In this case series, patients underwent LASIK with the Schwind Carriazo Pendular microkeratome 90 μm head. Flap thickness was calculated less than 70 μm in all eyes. To the best of our knowledge, this is one of the thinnest flap creations ever published for a mechanical microkeratome or a femtosecond laser.12–13 On the first month’s postoperative examination, slit-lamp evaluation revealed a mild subepithelial haze in all eyes. The objective manifest refraction revealed the presence of a myopic shift that disappeared by the fourth month’s postoperative evaluation. Presumably, the presence of haze can explain the myopic shift incidence and its disappearance after corneal haze reduction.
The incidence of haze formation after ultra thin flap LASIK (less than 70 μm) cannot be determined because this is the first case series ever reported in the literature. Kymionis et al.16 in a prospective study of the Schwind Carriazo Pendular microkeratome 90 μm head did not report any similar finding. Furthermore in the prospective study mentioned above, mean flap thickness was 79.88 ± 6.94 μm (range from 70 to 93 μm) whereas in all cases presented in this case series flap thickness is less than 70 μm.
Haze formation is usually caused by increased keratocyte activity in the anterior stroma and Bowman’s layer. Histologic studies in animals with corneal haze demonstrate abnormal glycosaminoglycans or nonlamellar collagen deposited in the anterior stroma as a consequence of epithelial-stromal wound healing. Subepithelial corneal haze typically peaks in intensity at 1 to 2 months and gradually disappears during the following months.8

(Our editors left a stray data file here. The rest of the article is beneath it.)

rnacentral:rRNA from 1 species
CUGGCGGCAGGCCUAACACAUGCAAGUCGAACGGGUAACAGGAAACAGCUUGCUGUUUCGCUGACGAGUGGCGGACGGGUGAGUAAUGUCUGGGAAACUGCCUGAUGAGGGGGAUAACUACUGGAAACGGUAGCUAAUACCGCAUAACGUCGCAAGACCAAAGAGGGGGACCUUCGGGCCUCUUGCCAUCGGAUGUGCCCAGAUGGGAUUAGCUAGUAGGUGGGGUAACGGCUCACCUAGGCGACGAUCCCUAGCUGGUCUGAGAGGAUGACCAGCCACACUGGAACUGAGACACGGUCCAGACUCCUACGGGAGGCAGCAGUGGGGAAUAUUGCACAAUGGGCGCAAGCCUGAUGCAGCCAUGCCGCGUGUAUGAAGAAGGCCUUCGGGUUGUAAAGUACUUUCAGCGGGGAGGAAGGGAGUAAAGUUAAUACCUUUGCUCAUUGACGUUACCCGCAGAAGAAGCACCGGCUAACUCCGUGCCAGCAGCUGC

Sub-bowman anterior corneal stroma photo-ablation could activate corneal keratocytes resulting in corneal haze. The expression of different inflammation factors, such as transforming growth factor (TGF-1), increases the number of keratocytes that proliferate in the sub-epithelial fibrous layer of the laser-ablated area.14 We can only presume that in these patients, ultra thin flap LASIK may result in haze formation due to increased wound healing response of the anterior stroma and Bowman’s layer.
A temporary subepithelial haze may be caused in the presence of thin flaps as in this particular case report (less than 70 μm). In similar studies with thicker flaps (more than 70 μm), no haze formation was observed postoperatively.9 Other additional predisponding factors such as individual response to healing process could be expressed as factors leading to haze formation.
In conclusion, post-LASIK subepithelial corneal haze after ultra thin flap (less than 70 μm) is a temporary potential complication that could affect patient’s refractive error during the first postoperative month.